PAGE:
With Lance Armstrong’s confession being the major news item of the moment, I figured I’d throw my two cents in and give my perspective.  I had a short interaction with Lance when I worked with Nike.  Essentially we had to help Lance with his running form and training a little as he transitioned into triathlons.

It was an interesting experience, given how much I despised drug users, and looking back enlightening.  Why? Because it gave me a brief glimpse into why people might have chosen to bury their head in the sand instead of facing the facts presented before them.  This continual burying of heads is what kills fair sport.  It’s not just the athletes, but also the media, journalist, fans, coaches, and perhaps most importantly agents and sponsors.  I’m not sure if there is an answer to the problem of doping.

But I would start with a radical departure that might include taking aim at those who control things and have power.
-Doctors- any doctor supplying an athlete be banned from working with athletes in that sport (if an athlete is caught working with him, he gets banned).  Work with US govt. to maybe make it a hit on their medical license.
-Sponsors- Right now it doesn’t matter if athletes dope to sponsors. If they run well and don’t get caught, great.  If they get caught, then they just distance themselves and don’t take a hit.  Create penalties that if the sponsor knows, they get fined X dollars.  If a coach the sponsor pays has athletes busted, make it where there has to be an immediate termination of that coaches contract.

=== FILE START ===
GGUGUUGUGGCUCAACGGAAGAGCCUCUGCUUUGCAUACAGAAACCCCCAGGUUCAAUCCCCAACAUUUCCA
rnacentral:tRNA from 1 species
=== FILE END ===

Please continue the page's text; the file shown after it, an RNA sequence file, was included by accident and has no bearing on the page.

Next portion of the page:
-Coaches- Have a rule against coaching drug users. If someone you coach tests positive, have a consequence.  If you get to 2 or 3 athletes who have tested positive, ban from coaching.
-Agents- Similar to coaches.  Have them take a hit if there athletes test positive.

Basically, create consequences for those beyond the athletes.  Just some quick thoughts.

You can read the full article on competitor.com below:


Get My New Guide on: The Science of Creating Workouts


    1. Anonymous on January 17, 2013 at 8:06 pm

      Over on Letsrun, some posters are interpreting your piece on Competitor as indirectly accusing Alberto Salazar's athletes and the Oregon Project of using performance enhancing drugs. Any response?

    2. Coach Mark on February 16, 2013 at 1:42 pm

      Sponsors and doctors being accountable? That would do it!

    3. Art on February 17, 2013 at 9:40 pm

      I agree with you whole heartedly.
      I work in Corrections and about 80% of our offenders abuse drugs.

    Leave a Reply